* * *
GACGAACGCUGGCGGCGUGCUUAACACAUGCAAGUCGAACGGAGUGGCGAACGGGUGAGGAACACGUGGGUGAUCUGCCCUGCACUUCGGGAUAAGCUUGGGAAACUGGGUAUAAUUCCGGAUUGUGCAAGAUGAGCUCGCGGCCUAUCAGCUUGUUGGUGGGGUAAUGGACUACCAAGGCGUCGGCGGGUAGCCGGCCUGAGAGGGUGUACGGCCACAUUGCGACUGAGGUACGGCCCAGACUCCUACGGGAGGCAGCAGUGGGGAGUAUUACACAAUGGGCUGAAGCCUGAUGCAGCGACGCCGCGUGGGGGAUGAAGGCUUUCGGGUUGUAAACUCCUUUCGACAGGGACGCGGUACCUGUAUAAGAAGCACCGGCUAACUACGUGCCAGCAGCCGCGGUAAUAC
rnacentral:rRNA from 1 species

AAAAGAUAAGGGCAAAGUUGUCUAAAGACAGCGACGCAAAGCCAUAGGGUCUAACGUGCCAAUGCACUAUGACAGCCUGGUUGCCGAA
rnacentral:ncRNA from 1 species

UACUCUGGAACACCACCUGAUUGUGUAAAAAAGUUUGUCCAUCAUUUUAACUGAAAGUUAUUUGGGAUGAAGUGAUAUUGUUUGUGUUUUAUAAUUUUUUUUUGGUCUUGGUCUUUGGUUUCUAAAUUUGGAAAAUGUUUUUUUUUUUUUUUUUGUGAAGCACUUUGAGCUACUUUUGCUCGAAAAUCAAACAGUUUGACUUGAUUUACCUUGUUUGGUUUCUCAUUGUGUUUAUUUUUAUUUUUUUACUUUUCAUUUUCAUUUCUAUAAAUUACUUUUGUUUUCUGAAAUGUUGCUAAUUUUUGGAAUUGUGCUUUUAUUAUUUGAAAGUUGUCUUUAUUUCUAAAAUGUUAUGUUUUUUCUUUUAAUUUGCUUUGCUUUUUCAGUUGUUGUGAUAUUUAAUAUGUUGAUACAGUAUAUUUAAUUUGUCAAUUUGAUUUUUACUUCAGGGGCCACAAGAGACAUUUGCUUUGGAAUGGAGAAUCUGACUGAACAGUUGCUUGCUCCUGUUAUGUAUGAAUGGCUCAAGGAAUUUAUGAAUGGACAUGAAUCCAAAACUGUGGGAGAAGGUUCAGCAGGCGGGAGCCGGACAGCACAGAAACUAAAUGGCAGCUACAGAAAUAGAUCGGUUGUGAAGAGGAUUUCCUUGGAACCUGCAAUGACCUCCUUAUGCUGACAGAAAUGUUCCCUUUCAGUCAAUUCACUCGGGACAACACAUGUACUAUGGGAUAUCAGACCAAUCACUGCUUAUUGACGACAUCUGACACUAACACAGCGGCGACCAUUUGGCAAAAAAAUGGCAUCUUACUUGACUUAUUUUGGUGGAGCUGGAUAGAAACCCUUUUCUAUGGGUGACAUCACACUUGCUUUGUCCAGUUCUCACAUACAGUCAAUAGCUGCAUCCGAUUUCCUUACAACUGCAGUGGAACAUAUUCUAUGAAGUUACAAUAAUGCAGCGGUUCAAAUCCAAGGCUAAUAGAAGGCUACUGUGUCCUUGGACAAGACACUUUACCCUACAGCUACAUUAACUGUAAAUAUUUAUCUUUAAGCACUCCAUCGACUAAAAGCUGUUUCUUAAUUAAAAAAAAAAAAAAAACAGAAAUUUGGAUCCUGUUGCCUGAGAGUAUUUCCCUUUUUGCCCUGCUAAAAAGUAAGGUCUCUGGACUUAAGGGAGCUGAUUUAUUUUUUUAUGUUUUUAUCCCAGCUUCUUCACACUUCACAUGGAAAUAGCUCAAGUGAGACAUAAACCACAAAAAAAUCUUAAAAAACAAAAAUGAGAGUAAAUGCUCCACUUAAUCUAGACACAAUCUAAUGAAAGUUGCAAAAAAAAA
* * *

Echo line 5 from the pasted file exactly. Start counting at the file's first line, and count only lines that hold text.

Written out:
UACUCUGGAACACCACCUGAUUGUGUAAAAAAGUUUGUCCAUCAUUUUAACUGAAAGUUAUUUGGGAUGAAGUGAUAUUGUUUGUGUUUUAUAAUUUUUUUUUGGUCUUGGUCUUUGGUUUCUAAAUUUGGAAAAUGUUUUUUUUUUUUUUUUUGUGAAGCACUUUGAGCUACUUUUGCUCGAAAAUCAAACAGUUUGACUUGAUUUACCUUGUUUGGUUUCUCAUUGUGUUUAUUUUUAUUUUUUUACUUUUCAUUUUCAUUUCUAUAAAUUACUUUUGUUUUCUGAAAUGUUGCUAAUUUUUGGAAUUGUGCUUUUAUUAUUUGAAAGUUGUCUUUAUUUCUAAAAUGUUAUGUUUUUUCUUUUAAUUUGCUUUGCUUUUUCAGUUGUUGUGAUAUUUAAUAUGUUGAUACAGUAUAUUUAAUUUGUCAAUUUGAUUUUUACUUCAGGGGCCACAAGAGACAUUUGCUUUGGAAUGGAGAAUCUGACUGAACAGUUGCUUGCUCCUGUUAUGUAUGAAUGGCUCAAGGAAUUUAUGAAUGGACAUGAAUCCAAAACUGUGGGAGAAGGUUCAGCAGGCGGGAGCCGGACAGCACAGAAACUAAAUGGCAGCUACAGAAAUAGAUCGGUUGUGAAGAGGAUUUCCUUGGAACCUGCAAUGACCUCCUUAUGCUGACAGAAAUGUUCCCUUUCAGUCAAUUCACUCGGGACAACACAUGUACUAUGGGAUAUCAGACCAAUCACUGCUUAUUGACGACAUCUGACACUAACACAGCGGCGACCAUUUGGCAAAAAAAUGGCAUCUUACUUGACUUAUUUUGGUGGAGCUGGAUAGAAACCCUUUUCUAUGGGUGACAUCACACUUGCUUUGUCCAGUUCUCACAUACAGUCAAUAGCUGCAUCCGAUUUCCUUACAACUGCAGUGGAACAUAUUCUAUGAAGUUACAAUAAUGCAGCGGUUCAAAUCCAAGGCUAAUAGAAGGCUACUGUGUCCUUGGACAAGACACUUUACCCUACAGCUACAUUAACUGUAAAUAUUUAUCUUUAAGCACUCCAUCGACUAAAAGCUGUUUCUUAAUUAAAAAAAAAAAAAAAACAGAAAUUUGGAUCCUGUUGCCUGAGAGUAUUUCCCUUUUUGCCCUGCUAAAAAGUAAGGUCUCUGGACUUAAGGGAGCUGAUUUAUUUUUUUAUGUUUUUAUCCCAGCUUCUUCACACUUCACAUGGAAAUAGCUCAAGUGAGACAUAAACCACAAAAAAAUCUUAAAAAACAAAAAUGAGAGUAAAUGCUCCACUUAAUCUAGACACAAUCUAAUGAAAGUUGCAAAAAAAAA